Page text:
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Thanks for visiting the blog! Allison's taking on big changes in her life, going from city girl to farm girl, from full time graphic designer to full time chicken farmer. Follow her on her journey by checking in to her blog frequently!
Posted 4/30/2017 12:48pm by Allison Rostad.

If you ever have the opportunity to be your own boss, do it. Not because it'll be easy or because you can do anything you want. Rather because you'll have no-one else to blame if you fail. Sounds harsh, but to me that's living life right. Full accountability for the success of your life and future. 

At the end of June 2017, Josh and I purchased the successful poultry enterprise from our neighbor, Will Morrow from Whitmore Farm. This enterprise would include 4 breeds of chickens that lay eggs for both consumption and hatching. We're talking roughly 200 birds per colony. That's 800 freaking birds! Kind of a big deal as neither Josh nor myself know much about chickens. Pretty big risk when you leave your steady job of 4 years to hope you can pull off all the same success that the previous owners did plus some.

So when I mentioned about accountability... this is what I mean. If I fail at this new business... that's on me. I will have risked everything I already had going for me. I can't fail - for my future's sake!

In an effort to at least look like I know what I'm doing, I first gathered two chicken books in hope to learn as much information on the 4 breeds we will be receiving mid-June. I've been in "training mode" this past week with Will at his farm learning the business while they're finishing up their Spring hatching season before the birds are transferred to our farm. Luckily, I've always been pretty good at absorbing lots of information at one time.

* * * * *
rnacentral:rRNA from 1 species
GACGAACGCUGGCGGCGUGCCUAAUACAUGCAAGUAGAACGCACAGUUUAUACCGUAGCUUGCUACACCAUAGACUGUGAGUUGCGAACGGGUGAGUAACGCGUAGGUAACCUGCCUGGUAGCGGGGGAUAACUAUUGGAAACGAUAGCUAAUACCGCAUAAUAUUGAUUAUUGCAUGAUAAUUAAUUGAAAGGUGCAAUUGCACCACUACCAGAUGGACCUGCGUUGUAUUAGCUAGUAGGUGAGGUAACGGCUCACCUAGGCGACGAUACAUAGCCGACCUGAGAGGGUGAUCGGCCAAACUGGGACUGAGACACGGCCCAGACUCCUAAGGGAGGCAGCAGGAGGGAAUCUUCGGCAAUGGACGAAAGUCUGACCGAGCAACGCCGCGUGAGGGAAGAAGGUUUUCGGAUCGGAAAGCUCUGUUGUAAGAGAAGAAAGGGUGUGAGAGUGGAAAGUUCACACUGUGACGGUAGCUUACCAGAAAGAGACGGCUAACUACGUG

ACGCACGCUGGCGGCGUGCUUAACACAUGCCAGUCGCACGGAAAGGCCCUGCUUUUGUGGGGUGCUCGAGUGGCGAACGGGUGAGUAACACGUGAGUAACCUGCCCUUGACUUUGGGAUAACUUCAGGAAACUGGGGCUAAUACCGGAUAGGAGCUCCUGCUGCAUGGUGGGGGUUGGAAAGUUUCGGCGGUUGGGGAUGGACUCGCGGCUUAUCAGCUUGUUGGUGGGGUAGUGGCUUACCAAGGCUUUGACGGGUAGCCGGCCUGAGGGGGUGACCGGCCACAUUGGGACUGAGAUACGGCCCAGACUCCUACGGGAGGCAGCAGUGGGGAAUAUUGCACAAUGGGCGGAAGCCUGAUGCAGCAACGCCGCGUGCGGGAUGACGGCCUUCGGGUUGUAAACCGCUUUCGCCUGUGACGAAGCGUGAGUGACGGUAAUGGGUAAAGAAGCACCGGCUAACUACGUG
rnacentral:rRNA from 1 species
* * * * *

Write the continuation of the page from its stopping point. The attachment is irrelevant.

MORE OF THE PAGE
For instance, I had no idea that the eggs a hen will lay will always have the same shell pattern on every egg! The Delaware breed are mostly white and produce a light tan egg. The Ameracauna breed lay these pretty blue green eggs, but they're by far the worst to collect from - I've got a pretty little scab forming on my right pinky finger from one of them pecking me! Both the Welsummer and Marans lay dark tan eggs. These eggs are the hardest to wash as the color can be rubbed right off! 

Hatching the eggs is like the best thing! They're super cute and fluffy with a ton of energy when they pop out of the shell. I've had to learn how to vaccinate the little ones on their first day of life too. Not my favorite thing to do, but it ensures a healthy beginning for them which is important!

As I learn and attempt to perfect the processes to this business I plan to share my journey with everyone. "The only source of knowledge is experience" and my experiences through this journey could teach someone else something too!